"... If a man will die and he has no son, you shall cause his inheritance
to pass over to his daughter" (27:8)
The Sefer Hachinuch, in discussing the laws of inheritance, rules as
follows: Although the Torah ascribes directives in dealing with inheritance,
there is no obligation for a parent to leave an inheritance for a child.
This imperative is only found in regard to the nations of the world.
It is within every Jewish parent's nature to be concerned for his child's
financial well-being, with special emphasis placed upon insuring his child's
security even after the parent's death. The Chinuch's ruling seems contrary
to the innate character of the Jew.
A similar question can be asked on the ruling of the Talmud. The Talmud
states that a parent need only be concerned for the financial well-being of
his child until the age of six.2 How can we fathom a Jewish
parent allowing his child to be financially independent at the age of six?
The attribute of kindness defines a Jew's nature. Therefore, there is never
any doubt that a Jewish parent will assume responsibility for his six year-
old child. The Torah is sending a message to the child to appreciate all
that his parents are doing for him, for their financial assistance is done
out of a sense of compassion, rather than obligation. Additionally,
understanding his parents' motivation for supporting him, will strengthen
the child's love for his parents. Similarly, the Torah not requiring parents
to leave an inheritance instills in the children the understanding that what
they received from their parents was motivated solely by love, rather than
1. Mitzva 400 2.Kesubos 49b
Same Act Different Motives
"The name of the slain Israelite man who was slain with the Midianitess was
Zimri son of Salu, leader of a father's house of the Simeonites"(25:14)
The Torah records that after Shechem the son of Chamor violated Dina the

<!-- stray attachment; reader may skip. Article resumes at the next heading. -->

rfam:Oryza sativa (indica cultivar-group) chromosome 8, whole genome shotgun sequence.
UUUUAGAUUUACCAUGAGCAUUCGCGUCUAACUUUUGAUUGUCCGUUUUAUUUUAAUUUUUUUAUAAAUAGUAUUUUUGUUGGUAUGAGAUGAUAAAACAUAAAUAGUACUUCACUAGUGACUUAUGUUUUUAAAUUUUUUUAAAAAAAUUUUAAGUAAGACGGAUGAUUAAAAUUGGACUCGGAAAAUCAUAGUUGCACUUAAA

daughter of Yaakov, Shimon and Levi massacred the entire city of Shechem.
1 On his death bed, Yaakov delivers a scathing condemnation to
them for their misplaced anger.2 Furthermore, Yaakov makes a
prophetic reference to two future conspiracies that would occur as a result
of Shimon and Levi's actions. Yaakov prays for his name not to be associated
with these insurrections, and indeed we find in this week's parsha, when
relating Zimri's genealogy, the verse refers to him as Zimri ben Salu from
the tribe of Shimon, omitting any mention of Yaakov. Similarly, in reference
to Korach, the genealogy ends with Levi, omitting the name of Yaakov.
3 Why would the same action taken by both Shimon and Levi result
in two very different conspiracies, Zimri's act of publicly cohabiting with
an idol worshipper and Korach's rebellion against Moshe's leadership?
The Midrash teaches that although Shimon and Levi acted in unison, "lo natlu
eitza zeh mizeh" - "they did not seek council from one another".4
The Midrash is implying that while their actions might have been the same,
it is possible that their motivations were different. The Torah records two
different reasons why the brothers were outraged at the crime perpetrated
against their sister.5 One reason is "Nevalah asah v'yisroel
lishkav es bas Yaakov" - "An outrage had been committed in Israel by lying
with the daughter of Yaakov", emphasizing the defilement of the sanctity of
a Bas Yisroel, daughter of Israel caused by consorting with an idol
worshipper.6 The second reason given is "Hakezonah ya'aseh es
achoseinu" - "Should our sister be treated as a harlot", highlighting their
personal outrage at the rape of their sister.7
From the insurrections which occurred involving Shimon and Levi's offspring,
the motivating factor for each of their actions can be deduced. Korach's
argument was that "Kulam kedoshim" - "They are all holy." "Maduah tisnasu al
kahal Hashem" - "Why do you exalt yourselves over the nation of Hashem?"
8 Korach felt that all of Bnei Yisroel have an exalted status,
and no individual had the right to elevate himself or his family over the
rest of the nation. Clearly, Korach, who was from the tribe of Levi sensed
the unique status of Bnei Yisroel, and it was this sensitivity which
motivated Levi to act against Shechem.
Zimri, the Midrash teaches, was the son of Shimon and Dina; Shimon married
Dina after the incident in Shechem.9 Zimri's consorting with an
idol worshipper shows his insensitivity to the defilement that such an act.
brings upon Bnei Yisroel. If this act is connected to his father's actions
in Shechem, it can be deduced that Shimon's primary outrage was on a
personal level, not at the defilement of the sanctity of Israel. A further
proof of this is the fact that the Torah refers to Zimri, Shimon's son as
Shaul ben Hakena'anis, the son of the Canaanite woman.10 Chazal
explain that although his parents were Shimon and Dina, Dina is referred to
as the Canaanite since she was defiled by the Canaanite, Shechem.
11 The fact that the Torah records what appears to be a
derogatory title for Shimon's son must indicate that the Torah is censuring
Shimon for having married a woman who was defiled by a Canaanite. Clearly,
Shimon's sense of saving his sister from shame was greater than his
sensitivity to the defilement created by a Bas Yisroel consorting with an